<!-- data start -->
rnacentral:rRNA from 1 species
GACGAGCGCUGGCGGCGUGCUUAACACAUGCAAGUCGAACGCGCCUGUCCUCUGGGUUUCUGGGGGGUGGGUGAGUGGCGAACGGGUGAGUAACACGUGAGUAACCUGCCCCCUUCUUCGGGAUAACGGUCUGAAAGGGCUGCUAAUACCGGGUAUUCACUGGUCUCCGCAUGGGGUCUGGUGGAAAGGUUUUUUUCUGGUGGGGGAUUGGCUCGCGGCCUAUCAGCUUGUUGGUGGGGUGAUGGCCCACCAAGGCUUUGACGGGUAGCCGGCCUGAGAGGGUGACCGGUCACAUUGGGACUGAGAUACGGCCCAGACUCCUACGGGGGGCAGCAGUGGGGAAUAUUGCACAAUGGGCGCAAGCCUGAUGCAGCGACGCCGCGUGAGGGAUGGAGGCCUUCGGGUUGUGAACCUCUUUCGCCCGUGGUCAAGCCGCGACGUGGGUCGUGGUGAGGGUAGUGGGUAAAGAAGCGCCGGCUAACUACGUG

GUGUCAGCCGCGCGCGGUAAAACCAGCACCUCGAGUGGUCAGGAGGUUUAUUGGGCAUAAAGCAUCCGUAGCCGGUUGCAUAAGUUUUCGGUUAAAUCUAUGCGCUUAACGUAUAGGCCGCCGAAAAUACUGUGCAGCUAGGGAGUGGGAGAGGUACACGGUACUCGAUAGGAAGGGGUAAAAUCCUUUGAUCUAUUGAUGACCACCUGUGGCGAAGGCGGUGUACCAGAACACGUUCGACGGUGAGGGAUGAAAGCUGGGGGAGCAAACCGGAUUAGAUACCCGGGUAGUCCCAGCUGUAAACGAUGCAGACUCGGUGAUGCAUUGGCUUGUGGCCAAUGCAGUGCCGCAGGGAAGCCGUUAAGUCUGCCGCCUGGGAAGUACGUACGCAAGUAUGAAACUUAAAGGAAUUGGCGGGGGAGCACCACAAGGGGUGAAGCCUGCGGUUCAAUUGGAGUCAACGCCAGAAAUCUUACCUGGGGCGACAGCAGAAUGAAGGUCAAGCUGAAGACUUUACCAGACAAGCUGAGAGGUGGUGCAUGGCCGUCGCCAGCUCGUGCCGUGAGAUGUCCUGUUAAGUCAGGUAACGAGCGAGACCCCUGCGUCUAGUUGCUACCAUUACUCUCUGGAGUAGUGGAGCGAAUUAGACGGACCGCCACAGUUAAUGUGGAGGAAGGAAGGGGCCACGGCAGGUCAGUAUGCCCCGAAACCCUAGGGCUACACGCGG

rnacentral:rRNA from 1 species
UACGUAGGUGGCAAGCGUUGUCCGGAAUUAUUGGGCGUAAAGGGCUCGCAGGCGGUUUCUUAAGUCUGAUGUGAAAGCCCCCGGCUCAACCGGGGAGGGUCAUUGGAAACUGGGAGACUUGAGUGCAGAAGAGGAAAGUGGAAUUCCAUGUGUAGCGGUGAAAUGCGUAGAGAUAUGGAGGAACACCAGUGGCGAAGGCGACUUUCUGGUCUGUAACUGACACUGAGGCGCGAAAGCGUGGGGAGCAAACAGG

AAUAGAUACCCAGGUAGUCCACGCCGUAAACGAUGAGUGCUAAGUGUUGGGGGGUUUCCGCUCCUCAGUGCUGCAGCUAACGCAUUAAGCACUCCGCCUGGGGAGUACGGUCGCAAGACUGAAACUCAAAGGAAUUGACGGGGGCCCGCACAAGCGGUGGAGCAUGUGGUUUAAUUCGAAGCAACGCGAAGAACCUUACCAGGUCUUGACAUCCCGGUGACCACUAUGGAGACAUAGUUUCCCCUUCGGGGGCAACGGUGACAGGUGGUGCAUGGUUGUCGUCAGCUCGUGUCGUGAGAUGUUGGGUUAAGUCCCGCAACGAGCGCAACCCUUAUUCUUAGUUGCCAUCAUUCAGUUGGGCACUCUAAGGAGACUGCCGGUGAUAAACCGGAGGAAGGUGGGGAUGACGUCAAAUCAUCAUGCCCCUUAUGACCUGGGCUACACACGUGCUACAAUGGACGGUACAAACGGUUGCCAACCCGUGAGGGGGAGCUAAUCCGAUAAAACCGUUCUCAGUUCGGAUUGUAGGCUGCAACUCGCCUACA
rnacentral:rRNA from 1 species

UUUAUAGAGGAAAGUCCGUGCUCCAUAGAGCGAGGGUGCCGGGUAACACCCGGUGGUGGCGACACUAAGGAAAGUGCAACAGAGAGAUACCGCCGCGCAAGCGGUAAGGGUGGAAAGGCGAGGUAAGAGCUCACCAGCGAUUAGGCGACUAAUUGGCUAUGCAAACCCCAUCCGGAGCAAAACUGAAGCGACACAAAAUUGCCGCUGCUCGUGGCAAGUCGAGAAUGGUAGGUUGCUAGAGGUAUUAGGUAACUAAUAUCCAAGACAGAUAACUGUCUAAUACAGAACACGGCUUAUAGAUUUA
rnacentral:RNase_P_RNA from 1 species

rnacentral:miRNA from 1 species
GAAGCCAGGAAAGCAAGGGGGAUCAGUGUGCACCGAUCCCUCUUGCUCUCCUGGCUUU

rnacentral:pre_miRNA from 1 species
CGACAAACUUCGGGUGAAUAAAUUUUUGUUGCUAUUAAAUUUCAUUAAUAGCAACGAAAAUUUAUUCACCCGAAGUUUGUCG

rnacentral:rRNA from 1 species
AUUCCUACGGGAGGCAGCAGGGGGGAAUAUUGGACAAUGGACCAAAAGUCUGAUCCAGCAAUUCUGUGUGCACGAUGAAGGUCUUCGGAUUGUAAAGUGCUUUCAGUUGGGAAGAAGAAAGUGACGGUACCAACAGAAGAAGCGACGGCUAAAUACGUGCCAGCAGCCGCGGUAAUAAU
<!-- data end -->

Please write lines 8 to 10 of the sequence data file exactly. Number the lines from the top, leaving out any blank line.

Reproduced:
UUUAUAGAGGAAAGUCCGUGCUCCAUAGAGCGAGGGUGCCGGGUAACACCCGGUGGUGGCGACACUAAGGAAAGUGCAACAGAGAGAUACCGCCGCGCAAGCGGUAAGGGUGGAAAGGCGAGGUAAGAGCUCACCAGCGAUUAGGCGACUAAUUGGCUAUGCAAACCCCAUCCGGAGCAAAACUGAAGCGACACAAAAUUGCCGCUGCUCGUGGCAAGUCGAGAAUGGUAGGUUGCUAGAGGUAUUAGGUAACUAAUAUCCAAGACAGAUAACUGUCUAAUACAGAACACGGCUUAUAGAUUUA
rnacentral:RNase_P_RNA from 1 species

rnacentral:miRNA from 1 species